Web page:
Itís pretty much the same as any overly-sentimental movie involving an adult, a child, and valuable lessons learned; however, Cusack has the chops to pull it off. The role of David Gordon doesnít exactly stretch the manís acting abilities, but his interaction with the titular kid feels almost effortless, be it the funny misunderstandings, serious moments or the couple geeky spots. Not many people could make an ultra-sappy tearjerker drama and still come off as cool as Cusack does.
A decent supporting cast is there to help Cusack pass the time. Amanda Peet never ceases being cute and endearing, but the forced romantic subplot feels superficial and justÖnot right. Thankfully, and understandably, John has better chemistry with his sister Joan. Their killer banter in GROSSE POINT BLANK still remains their collaborative pinnacle, but Iíll gladly take the few minutes of snarky arguing they share here. Oliver Platt also shows up as Oliver Platt Signature Performance #3. If youíre behind on your Platt, thatís the one where he plays the smooth talking, money-hungry asskisser. I should also mention Bobby Coleman, who does a fine job as the potential alien offspring and maintains a good balance of creepy and cute (although the character can get a little grating at times with his weirdness).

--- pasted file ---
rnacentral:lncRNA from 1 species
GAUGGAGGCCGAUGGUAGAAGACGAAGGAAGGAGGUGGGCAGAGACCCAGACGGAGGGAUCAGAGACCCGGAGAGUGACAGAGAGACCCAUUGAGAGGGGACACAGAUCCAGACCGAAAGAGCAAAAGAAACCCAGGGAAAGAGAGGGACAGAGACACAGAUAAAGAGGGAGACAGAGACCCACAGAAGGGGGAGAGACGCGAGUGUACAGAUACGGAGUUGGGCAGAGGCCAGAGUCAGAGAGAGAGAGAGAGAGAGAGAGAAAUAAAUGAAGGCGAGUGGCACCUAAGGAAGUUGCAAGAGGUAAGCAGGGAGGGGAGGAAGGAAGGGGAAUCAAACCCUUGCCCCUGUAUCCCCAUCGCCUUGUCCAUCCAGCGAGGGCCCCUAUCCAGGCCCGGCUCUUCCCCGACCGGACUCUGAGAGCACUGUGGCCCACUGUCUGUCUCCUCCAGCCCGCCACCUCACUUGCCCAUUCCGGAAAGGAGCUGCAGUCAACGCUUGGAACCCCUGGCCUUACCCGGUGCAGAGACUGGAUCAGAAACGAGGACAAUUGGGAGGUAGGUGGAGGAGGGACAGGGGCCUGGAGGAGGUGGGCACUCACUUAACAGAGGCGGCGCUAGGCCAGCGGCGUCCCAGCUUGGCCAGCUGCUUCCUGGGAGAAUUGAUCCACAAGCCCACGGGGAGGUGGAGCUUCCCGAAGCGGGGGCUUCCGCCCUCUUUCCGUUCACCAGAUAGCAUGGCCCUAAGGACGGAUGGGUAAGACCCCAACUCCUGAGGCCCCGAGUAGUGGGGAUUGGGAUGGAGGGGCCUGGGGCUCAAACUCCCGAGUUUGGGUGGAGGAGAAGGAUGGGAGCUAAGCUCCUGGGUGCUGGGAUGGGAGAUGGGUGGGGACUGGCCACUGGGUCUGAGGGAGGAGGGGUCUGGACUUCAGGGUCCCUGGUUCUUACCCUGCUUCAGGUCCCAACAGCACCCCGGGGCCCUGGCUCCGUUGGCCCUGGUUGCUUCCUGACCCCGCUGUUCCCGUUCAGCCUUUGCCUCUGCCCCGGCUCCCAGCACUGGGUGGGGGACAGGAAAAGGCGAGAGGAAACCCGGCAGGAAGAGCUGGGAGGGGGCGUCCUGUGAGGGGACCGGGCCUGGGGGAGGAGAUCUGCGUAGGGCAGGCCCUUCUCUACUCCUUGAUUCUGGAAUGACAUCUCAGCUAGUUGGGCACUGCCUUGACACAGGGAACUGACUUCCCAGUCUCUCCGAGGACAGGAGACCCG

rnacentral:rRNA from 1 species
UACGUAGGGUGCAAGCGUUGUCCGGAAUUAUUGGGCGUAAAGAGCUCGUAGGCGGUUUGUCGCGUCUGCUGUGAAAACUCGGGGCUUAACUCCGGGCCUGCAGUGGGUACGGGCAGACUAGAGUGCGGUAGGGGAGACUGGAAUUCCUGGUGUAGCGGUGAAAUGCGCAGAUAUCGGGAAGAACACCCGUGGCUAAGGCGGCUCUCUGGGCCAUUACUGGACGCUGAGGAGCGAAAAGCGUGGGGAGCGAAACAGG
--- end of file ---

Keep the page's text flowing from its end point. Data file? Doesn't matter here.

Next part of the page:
Itís hard to critique MARTIAN CHILD on anything besides its cast, since theyíre really the only interchangeable part in a fairly standard formula movie. Still, itís a decent uplifting family film (pretty much devoid of cursing or other morally objectionable material), one thatís so sappy it pretty much guilts you in to at least mildly liking it.
Deleted Scenes (27:15): All fourteen clips are pretty much forgettable, save for one instance of the kid seriously cockblocking Cusack.
Handle With Care (24:20): A pretty detailed feature on child actor Bobby Coleman and his process of working on the movie from audition through filming. Itís always nice to see kid actors enjoying themselves before the inevitable teenage years of drugs, alcohol and debauchery.
The Real Martian Child (13:23): The movie was based on a short story by David Gerrold, which in turn was based on his own experiences adopting and raising a boy as a single father. Here Gerrold and son speak about the events that inspired the film, which adds another dimension to the story.
Trailers and Previews.
Extra Tidbit: David Gerrold, who penned the original MARTIAN CHILD short story, is also the writer of the classic Star Trek episode, The Trouble With Tribbles.